Do make sure that your story is not so dependent on its twist that it doesn’t have anything else to say as it will feel terribly contrived in plot for the sake of The Surprise.

You also don’t want the reader to feel cheated or tricked. Rather, you want the twist to make the reader feel as if that’s the best way for the story to have ended.

Picture books with a good twist ending will increase a manuscript’s value dramatically and grab an editor’s attention. It will extend the story beyond the story, begging readers to imagine what happens next. Who knows, it might even set you up for a sequel! What are some of your favorite picture books with a twist ending?

joycewan-headshot-2015 (1)

Joyce Wan is an award-winning author-illustrator of many popular books for children, including You Are My Cupcake, We Belong Together, and The Whale In My Swimming Pool, which was a Junior Library Guild Spring 2015 selection. When she’s not working on books, she teaches courses at The School of Visual Arts in New York City. Visit her online at www.wanart.com.


Joyce is giving away a signed hardcover copy of her 

image1 (1)picture book The Whale In My Swimming Pool AND an adorable signed print (shown to the right). If you are a registered Summer School student and would like a chance to win, please leave a comment on this post to be entered into the drawing. Good luck!

If you are registered for Kidlit Summer School, you can download a worksheet of Christine’s writing exercise at our Exercise Book. This is a password-protected area — only members allowed! Please check your email for the password.

John Cusick: Escaping the Awful Middle and GIVEAWAY

Three Ways to Jumpstart Your Draft When the Plot Starts to Sag

I don’t know about you, but I find it’s much easier to start something than finish it. When I begin a new draft it’s all sunshine and rainbows. The ideas just come unbidden, new characters leap onto the page like circus tumblers, and conflicts pop up unbidden.

Cusick_GirlParts_CoverThen I get about halfway through the story and bam: suddenly the fun’s over. I’m not sure where I’m going or what happens next. Maybe the story has begun to feel stale, or the tensions I’ve created aren’t enough to sustain my interest. The middle is where our author-brains begin to fatigue, and as a result, this is where many of us get stuck.

There are a few remedies, I think, for that middle-of-the-novel slog, tricks for jumpstarting your story when your characters are as lost as you are.

In life, if you’re in a funk, you might need a change of scenery. Chances are your characters feel the same way. Try switching up the setting. Have your detective chase a lead to Beliz, or your hero seek the counsel of a distant oracle. In Jane Austen’s Pride and Prejudice, halfway through the novel Elizabeth Bennet leaves home to tour the Derbyshire countryside, a journey which ultimately brings her closer (emotionally and literally) to Mr. Darcy. A new location can keep the story fresh and open up new avenues you’d never have discovered if you’d stayed at home.

Writing Exercise: Drop your hero and a few pals into a new setting. What new conflicts await them there? Does the change of place change the way the hero behaves or thinks?

A change in time can be as effective as a change of location. In John Irving’s The World According to Garp, an early scene features a horrific car crash involving most of the major characters. The reader turns the page and…whoa. We’ve jumped ahead in time and the exact outcome of the crash is unknown (until much later). The leap forward creates a terrific cliffhanger, and pulls the reader deeper into the story. The effect is more compelling and exciting than if we were shown the aftermath of the crash immediately.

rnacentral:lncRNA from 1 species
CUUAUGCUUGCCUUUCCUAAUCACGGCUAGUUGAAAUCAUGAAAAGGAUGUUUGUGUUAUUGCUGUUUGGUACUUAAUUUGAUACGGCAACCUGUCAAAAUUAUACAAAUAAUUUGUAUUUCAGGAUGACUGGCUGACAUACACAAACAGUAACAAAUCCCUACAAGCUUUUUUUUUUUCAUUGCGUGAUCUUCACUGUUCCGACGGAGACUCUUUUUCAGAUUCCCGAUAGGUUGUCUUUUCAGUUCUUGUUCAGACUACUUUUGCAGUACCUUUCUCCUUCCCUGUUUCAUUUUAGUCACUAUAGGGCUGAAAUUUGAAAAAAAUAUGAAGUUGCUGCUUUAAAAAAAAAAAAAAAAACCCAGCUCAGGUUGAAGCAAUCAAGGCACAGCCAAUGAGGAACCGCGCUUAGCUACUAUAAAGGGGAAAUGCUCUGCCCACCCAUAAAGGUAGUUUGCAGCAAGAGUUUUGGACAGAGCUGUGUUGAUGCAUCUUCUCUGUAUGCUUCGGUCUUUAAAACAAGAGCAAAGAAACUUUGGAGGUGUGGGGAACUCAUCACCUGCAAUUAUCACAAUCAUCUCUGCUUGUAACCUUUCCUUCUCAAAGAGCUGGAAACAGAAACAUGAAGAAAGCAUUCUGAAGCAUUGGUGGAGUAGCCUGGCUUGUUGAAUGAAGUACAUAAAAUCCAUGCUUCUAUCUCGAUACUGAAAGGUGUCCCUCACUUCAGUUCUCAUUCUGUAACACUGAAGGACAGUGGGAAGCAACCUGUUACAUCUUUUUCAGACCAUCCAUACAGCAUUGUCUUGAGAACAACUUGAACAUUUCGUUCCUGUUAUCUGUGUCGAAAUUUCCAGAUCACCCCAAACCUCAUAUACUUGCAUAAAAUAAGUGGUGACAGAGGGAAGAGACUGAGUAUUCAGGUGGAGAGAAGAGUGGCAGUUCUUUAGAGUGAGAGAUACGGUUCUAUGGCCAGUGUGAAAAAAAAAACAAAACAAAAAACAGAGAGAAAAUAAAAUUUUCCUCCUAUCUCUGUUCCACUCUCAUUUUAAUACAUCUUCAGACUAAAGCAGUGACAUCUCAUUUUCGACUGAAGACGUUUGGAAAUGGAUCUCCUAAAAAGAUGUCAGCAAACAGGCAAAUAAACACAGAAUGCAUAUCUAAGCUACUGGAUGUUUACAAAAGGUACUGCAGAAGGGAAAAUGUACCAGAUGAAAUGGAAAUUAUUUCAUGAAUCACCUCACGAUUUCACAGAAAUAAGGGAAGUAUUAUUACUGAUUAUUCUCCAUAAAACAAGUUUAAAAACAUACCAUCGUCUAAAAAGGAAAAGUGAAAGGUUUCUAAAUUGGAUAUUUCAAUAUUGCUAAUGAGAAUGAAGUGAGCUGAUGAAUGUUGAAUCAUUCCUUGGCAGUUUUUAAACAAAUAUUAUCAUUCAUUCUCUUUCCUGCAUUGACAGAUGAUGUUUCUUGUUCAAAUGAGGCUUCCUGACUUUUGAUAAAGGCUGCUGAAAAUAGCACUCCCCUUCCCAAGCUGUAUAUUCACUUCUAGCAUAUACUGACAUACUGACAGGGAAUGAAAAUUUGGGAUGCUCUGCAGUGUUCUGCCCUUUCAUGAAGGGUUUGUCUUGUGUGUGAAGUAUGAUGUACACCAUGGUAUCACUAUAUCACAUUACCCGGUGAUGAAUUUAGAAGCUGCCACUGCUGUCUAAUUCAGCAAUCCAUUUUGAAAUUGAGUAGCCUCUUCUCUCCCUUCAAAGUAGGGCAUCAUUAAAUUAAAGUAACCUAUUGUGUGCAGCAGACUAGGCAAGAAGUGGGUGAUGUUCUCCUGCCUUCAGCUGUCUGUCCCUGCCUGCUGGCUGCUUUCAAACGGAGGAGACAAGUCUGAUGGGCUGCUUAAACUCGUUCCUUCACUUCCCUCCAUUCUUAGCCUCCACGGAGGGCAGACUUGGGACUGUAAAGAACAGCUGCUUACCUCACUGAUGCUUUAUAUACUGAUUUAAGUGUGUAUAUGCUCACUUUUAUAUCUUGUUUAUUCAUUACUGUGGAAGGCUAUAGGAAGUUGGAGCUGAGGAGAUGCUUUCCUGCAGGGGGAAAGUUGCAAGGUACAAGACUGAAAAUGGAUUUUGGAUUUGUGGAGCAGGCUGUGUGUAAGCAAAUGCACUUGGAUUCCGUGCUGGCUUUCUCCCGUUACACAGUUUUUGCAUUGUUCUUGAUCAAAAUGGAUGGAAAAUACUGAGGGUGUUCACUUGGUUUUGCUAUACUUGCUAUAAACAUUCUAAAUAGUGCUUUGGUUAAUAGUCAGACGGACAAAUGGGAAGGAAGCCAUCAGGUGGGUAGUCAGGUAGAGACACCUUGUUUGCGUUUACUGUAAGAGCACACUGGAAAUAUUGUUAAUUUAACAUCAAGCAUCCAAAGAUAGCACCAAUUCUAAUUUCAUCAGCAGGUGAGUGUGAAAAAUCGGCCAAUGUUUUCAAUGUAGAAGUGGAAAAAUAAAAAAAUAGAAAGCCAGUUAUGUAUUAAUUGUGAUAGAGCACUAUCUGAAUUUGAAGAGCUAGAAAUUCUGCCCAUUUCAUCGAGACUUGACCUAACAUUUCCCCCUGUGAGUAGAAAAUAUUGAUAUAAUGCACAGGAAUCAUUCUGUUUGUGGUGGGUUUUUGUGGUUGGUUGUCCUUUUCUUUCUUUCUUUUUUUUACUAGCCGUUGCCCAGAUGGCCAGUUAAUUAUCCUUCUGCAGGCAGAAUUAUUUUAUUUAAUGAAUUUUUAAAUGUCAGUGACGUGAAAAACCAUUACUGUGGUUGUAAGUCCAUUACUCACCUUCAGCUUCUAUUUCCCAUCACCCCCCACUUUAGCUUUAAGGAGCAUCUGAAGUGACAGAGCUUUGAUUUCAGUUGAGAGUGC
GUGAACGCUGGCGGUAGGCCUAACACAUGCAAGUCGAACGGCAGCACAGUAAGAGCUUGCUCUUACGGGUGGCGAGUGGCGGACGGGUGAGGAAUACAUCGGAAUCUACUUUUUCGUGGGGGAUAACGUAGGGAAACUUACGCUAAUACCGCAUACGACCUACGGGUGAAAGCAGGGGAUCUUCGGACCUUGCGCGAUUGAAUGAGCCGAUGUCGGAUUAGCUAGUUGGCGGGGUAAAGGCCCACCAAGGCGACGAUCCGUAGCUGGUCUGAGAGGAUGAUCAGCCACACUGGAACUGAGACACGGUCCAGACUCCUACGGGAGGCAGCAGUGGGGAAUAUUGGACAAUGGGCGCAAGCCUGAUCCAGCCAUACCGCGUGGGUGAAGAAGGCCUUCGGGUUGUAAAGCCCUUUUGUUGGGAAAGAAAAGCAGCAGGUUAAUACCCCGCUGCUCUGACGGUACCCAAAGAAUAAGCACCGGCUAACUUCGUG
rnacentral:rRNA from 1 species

Writing Exercise: Explore what your characters are doing a week, a month, or a year from now.

Ever run into an ex at a party? Things can get…interesting. If you’re not sure what happens next in your story, try bringing your whole cast together for a big group scene. Nothing stirs up tensions and conflict like getting a bunch of characters with differing agendas into the same room. Dostoevsky is famous for his large, chaotic dinner scenes. In Crime & Punishment Raskolnikov attends a funeral dinner thrown by Katrina, only to have Sonia, Luzhin, and most of the main characters show up. The result is a disastrous series of arguments that propel the story into its next phase.

Writing Exercise: Write a scene in which all of your characters attend the same party. What goes wrong? Who argues with whom? What secrets are revealed?

Keeping your story feeling fresh and vibrant is as much for your readers’ benefit as it is your own. It’s easy to get bogged down halfway through a draft, with all that writing still left to do and possibly no clear end in sight. Fatigue often means boredom, and if you’re not excited by your story, chances are your readers will be bored too. So shake things up, surprise yourself, and you’ll get through it. I promise.

JCusick_HeadshotJohn MCusick is an agent with Folio Jr. / Folio Literary Management, representing picture books, middle-grade, and young adult novels. He is also the author of GIRL PARTS and CHERRY MONEY BABY (Candlewick Press), as well as a regular speaker at writers conferences. His clients include New York Times Bestselling Author Tommy Wallach (WE ALL LOOKED UP, Simon & Schuster), Courtney Alameda (SHUTTER, Feiwel & Friends) and Hannah Moskowitz (A HISTORY OF GLITTER AND BLOOD, Chronicle Books) You can find him online at and on Twitter @johnmcusick.

John is giving away signed copies of GIRL PARTS and CHERRY MONEY BABY. If you are a registered Summer School student and would like a chance to win, please leave a comment on this post to be entered into the drawing. Good luck!

If you are registered for Kidlit Summer School, you can download a worksheet of John’s writing exercise at our Exercise Book. This is a password-protected area — only members allowed! Please check your email for the password.